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Six Days In Fallujah's Controversy Grows

Six Days in Fallujah, the once-cancelled first person shooter, recently received new life thanks to a few ex-Halo devs. Now, the Counsel on American-Islamic Relations (CAIR) has released a statement requesting that the game be cancelled once again.


Six Days in Fallujah seeks to recreate the Second Battle of Fallujah in 2004, one of the more harrowing events in the Iraq War. CAIR issued a press release on April 7, 2021 calling on Microsoft, Sony, and Valve to cancel the game, stating that "the Iraq War is not a game."

CAIR advocates for Muslim civil rights in America, and so the reasons its investment in Six Days in Fallujah seem very clear. Psychologists and researchers have proven that the American perception of Muslims greatly diminished post-9/11, leading to hate crimes as well as general discrimination. CAIR views Six Days in Fallujah as a step backward in how Americans perceive Muslims.

In its press release, CAIR stated that Six Days in Fallujah would be an "Arab murder simulator," glorifying the killing of Muslims for fun and gamifying a serious historical event that left many dead. CAIR Research and Advocacy Coordinator Huzaifa Shahbaz explained, "The gaming industry must stop dehumanizing Muslims. Video games like Six Days in Fallujah only serve to glorify violence that took the lives of hundreds of Iraqi civilians, justify the Iraq war, and reinforce anti-Muslim sentiment at a time when anti-Muslim bigotry continues to threaten human life." The press release also included links to studies backing up CAIR's statements.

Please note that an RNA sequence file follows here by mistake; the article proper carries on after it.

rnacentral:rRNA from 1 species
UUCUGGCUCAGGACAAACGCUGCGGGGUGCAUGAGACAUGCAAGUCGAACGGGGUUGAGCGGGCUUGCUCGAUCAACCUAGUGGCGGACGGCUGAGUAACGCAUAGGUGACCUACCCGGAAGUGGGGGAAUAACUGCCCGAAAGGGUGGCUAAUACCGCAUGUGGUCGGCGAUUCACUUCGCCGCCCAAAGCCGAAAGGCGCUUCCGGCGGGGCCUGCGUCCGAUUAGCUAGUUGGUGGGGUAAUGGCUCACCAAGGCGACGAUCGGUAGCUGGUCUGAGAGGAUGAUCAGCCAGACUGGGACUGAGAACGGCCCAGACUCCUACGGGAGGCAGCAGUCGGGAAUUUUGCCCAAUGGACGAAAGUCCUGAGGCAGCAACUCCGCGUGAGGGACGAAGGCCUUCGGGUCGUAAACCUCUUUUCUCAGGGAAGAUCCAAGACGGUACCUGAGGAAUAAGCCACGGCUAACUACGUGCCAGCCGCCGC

Peter Tamte, the creator of Six Days in Fallujah, sat down with Polygon earlier this year for an interview. In that chat, Tamte portrayed Six Days in Fallujah as a way to educate people about urban combat, saying, "It's about the experiences of that individual that is now there because of political decisions," not the larger political machinations of countries. He continued, "We're not trying to make a political commentary about whether or not the war itself was a good or a bad idea." 

Polygon called Tamte's response a "dodge," noting that Six Days in Fallujah follows a real battle, not a fictional one set within a specific historical time period. Tamte continued to suggest that Six Days in Fallujah would inspire people to learn more about the actual battles as they happened, sparking an interest in history. 

CAIR is not alone in its critiques against the game. One article from Gamasutra called Six Days in Fallujah's purpose "vile." Arab and Iraqi game developers expressed disappointment at Six Days in Fallujah's return to headlines, suggesting that the game might have a bigger emotional toll than Tamte anticipated. Even Iraq war veterans have spoken out against the game. Only time will tell if Six Days in Fallujah will make it to consoles, but gamers can expect it to cause controversy either way.